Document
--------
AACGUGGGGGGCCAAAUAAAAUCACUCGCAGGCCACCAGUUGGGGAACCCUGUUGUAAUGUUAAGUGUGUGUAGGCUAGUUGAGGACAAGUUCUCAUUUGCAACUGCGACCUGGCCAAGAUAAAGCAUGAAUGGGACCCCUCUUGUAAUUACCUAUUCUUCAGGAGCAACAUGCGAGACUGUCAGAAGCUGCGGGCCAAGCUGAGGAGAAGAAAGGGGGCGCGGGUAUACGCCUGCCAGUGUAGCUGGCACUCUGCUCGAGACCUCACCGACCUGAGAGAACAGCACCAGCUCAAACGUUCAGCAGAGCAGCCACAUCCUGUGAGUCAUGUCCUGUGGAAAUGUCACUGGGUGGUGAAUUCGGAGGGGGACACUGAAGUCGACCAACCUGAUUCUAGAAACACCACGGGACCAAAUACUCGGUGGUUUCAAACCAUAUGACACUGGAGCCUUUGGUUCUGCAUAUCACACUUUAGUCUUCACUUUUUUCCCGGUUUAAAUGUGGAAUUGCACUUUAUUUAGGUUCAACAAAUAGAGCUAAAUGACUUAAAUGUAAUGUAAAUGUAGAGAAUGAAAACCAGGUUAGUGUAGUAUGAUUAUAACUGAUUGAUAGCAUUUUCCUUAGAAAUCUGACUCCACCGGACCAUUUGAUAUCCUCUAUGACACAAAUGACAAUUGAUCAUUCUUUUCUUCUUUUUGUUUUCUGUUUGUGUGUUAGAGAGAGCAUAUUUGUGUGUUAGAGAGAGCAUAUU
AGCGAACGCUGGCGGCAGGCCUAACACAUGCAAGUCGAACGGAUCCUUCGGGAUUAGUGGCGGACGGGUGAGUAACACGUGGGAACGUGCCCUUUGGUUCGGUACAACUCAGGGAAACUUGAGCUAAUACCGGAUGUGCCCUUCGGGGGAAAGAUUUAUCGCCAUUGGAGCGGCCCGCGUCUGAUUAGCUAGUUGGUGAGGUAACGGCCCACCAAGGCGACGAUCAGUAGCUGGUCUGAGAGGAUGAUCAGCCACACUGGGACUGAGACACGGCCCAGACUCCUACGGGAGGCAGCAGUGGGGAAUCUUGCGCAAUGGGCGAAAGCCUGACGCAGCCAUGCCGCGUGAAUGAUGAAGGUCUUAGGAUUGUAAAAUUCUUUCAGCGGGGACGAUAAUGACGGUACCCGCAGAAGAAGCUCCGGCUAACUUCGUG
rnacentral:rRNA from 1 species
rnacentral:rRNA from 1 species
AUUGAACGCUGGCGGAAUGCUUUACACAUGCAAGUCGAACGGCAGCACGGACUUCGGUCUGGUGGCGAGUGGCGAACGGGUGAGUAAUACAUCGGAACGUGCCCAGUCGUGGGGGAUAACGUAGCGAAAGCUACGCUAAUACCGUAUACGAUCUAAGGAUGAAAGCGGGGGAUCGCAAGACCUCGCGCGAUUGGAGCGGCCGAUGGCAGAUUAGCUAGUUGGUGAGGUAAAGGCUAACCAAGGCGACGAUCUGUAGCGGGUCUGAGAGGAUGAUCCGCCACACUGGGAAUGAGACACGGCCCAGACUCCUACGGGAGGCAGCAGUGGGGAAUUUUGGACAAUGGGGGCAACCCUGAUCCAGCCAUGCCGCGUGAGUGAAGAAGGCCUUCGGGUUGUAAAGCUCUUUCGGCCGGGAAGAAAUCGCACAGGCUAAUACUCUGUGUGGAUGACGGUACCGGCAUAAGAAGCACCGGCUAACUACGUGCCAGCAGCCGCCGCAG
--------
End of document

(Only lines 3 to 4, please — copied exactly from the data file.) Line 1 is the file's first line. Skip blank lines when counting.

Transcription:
rnacentral:rRNA from 1 species
rnacentral:rRNA from 1 species